Community Safety

May 1, 2014

 

– Be Internet-savvy and safe: Tips for parents and children
 
only allows approved followers to see your tweets, the majority of
users share their tweets with everyone.
It is crucial that you and your child understand that one should always
think twice before posting a comment. Once it is out there, it cannot
be retracted. Before you allow your child to create an account on
social media, teach your child that they cannot write or say things
which are offensive or upsetting just because they are not saying
them to the person’s face.
 
h8708; Facebook
Too many people use Facebook to literally reveal their whole lives –
ranging from the time they go to sleep at night to checking in whenever
they go shopping, go on vacation or are socialising. Although
these actions are innocent, those who have access to this personal
information do not always deal with this information in the same
innocent ways.
Facebook enables people to control the audience of their posts.
Parents should encourage their children to review their privacy settings
and to make sure that they consider the audience when sharing
content on Facebook. They should further encourage their kids to
use their activity log, a powerful tool that enables users to review and
manage what they’ve shared on Facebook. With your activity log, you
can manage who sees your content across Facebook. No one else
sees your activity log. What goes for your children should go for you.
You should also review your privacy settings to ensure that your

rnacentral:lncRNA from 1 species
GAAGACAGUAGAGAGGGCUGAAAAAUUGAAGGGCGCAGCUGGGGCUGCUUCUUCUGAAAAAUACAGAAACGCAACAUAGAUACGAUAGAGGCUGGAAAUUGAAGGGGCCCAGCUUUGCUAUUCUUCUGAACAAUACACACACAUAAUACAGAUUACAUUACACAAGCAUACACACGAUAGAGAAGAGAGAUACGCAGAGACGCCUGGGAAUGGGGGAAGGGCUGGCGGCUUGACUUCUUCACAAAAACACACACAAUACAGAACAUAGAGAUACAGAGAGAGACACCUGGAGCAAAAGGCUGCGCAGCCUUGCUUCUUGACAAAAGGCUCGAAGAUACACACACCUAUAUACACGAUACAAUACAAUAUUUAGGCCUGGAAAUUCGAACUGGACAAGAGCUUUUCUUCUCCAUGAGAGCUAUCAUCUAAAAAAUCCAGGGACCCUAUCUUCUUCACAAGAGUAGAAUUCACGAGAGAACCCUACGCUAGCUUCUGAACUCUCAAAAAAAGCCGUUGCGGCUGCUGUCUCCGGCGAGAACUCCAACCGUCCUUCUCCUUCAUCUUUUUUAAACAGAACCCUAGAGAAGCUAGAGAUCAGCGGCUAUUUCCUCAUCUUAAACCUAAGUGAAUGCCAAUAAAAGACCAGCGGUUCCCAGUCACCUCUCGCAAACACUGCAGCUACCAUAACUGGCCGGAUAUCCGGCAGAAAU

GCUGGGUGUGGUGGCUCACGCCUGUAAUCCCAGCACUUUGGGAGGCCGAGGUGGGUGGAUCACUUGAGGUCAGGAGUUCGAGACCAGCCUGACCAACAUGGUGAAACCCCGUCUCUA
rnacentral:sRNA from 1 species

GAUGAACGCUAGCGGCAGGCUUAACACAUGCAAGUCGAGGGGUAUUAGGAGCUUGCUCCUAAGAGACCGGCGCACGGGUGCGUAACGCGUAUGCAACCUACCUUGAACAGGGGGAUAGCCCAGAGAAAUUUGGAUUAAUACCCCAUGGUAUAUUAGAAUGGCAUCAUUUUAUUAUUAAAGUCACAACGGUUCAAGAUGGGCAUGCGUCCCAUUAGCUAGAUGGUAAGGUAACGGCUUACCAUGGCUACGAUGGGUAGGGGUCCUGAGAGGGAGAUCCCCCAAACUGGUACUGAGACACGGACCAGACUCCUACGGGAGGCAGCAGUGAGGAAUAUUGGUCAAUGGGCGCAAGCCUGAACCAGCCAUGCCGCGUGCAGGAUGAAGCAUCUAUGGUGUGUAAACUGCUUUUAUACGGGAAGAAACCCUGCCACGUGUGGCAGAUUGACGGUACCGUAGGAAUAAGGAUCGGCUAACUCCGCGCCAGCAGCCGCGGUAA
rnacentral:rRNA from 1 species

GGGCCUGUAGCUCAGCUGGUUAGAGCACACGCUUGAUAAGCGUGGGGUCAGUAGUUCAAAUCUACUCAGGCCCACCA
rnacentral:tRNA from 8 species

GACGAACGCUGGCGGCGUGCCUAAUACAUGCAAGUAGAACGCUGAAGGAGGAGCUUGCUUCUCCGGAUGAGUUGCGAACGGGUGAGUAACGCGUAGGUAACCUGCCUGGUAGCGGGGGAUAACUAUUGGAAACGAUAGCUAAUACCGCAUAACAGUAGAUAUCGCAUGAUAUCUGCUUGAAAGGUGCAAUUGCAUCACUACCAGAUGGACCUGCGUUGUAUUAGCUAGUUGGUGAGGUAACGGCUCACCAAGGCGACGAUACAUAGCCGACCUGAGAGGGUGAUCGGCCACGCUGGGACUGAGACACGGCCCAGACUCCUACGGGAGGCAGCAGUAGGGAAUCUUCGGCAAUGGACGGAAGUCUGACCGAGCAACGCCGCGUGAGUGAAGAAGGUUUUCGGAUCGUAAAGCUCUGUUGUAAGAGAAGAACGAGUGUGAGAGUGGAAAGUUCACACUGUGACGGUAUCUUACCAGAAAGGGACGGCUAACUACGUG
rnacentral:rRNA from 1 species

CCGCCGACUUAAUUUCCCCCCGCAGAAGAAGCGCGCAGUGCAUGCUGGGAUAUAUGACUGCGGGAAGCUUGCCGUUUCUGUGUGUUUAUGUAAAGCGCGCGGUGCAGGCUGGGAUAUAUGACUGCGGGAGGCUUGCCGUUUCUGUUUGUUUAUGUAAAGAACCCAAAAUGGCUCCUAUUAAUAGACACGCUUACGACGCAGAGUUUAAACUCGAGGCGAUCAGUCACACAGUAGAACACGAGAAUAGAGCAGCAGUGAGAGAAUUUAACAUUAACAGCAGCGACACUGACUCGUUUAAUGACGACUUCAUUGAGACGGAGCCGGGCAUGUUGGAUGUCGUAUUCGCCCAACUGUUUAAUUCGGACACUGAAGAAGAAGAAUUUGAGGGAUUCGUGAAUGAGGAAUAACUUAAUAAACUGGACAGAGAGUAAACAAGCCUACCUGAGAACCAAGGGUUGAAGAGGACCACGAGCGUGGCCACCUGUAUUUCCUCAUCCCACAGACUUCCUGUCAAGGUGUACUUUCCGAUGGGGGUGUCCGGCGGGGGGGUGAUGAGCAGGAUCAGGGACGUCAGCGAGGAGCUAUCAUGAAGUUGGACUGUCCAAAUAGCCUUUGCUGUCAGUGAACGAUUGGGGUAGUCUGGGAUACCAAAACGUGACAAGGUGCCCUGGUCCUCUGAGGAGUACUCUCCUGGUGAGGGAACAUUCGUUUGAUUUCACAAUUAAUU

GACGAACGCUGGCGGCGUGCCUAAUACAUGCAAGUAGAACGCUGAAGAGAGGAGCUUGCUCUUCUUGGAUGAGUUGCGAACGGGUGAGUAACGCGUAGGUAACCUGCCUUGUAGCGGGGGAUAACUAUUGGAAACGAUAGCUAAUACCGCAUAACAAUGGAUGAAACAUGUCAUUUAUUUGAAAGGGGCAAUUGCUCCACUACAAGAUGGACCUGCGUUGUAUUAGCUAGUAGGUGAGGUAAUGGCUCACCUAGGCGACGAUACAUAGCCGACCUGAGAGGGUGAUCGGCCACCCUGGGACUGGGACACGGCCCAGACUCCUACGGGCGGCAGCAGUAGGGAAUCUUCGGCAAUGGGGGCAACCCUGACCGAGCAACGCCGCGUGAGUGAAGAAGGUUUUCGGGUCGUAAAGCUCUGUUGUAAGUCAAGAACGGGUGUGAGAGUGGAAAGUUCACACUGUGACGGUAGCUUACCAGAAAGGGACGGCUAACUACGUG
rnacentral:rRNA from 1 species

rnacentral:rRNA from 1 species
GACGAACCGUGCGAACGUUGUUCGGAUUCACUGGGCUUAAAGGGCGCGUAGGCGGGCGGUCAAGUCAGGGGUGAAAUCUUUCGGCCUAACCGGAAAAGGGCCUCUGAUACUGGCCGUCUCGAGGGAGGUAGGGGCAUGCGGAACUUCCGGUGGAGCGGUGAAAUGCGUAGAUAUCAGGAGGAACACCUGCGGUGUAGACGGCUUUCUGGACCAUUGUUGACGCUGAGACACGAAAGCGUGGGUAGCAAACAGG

posts and photos can’t be viewed by just anyone.
Facebook provides the following valuable advice to parents: “If you
have a Facebook timeline, and have befriended your child, try to
respect the same boundaries that you use offline. Let your relationship
dictate how you interact; for example, whether you join a conversation
among your child’s friends or post on their wall. Think of
social media as a get-together at one of your child’s friends’ houses.
You can give permission for your teen to attend, and even though you
won’t be there to monitor their behaviour, you trust your teen to
have good judgment around peers and other parents. It’s all about
balancing your teen’s growing independence and need for privacy
with your safety concerns.”
 
ACRONYMS
Children have developed their own language to communicate with
their friends on social media and instant messaging. Although some of
these acronyms may be innocent and are used to speed up their
typing and avoid long phrases, many are not. The problem arises when
your child knows that you don’t know what the meaning of the
acronyms is and they then use them to keep their communication
secretive. These acronyms may also be used by cyberstalkers (who
often pose as teenagers) to get your child to behave inappropriately.
Some of these acronyms are used to warn the person with whom they
are interacting that they can no longer have a personal conversation.
The acronyms include, but are not limited to: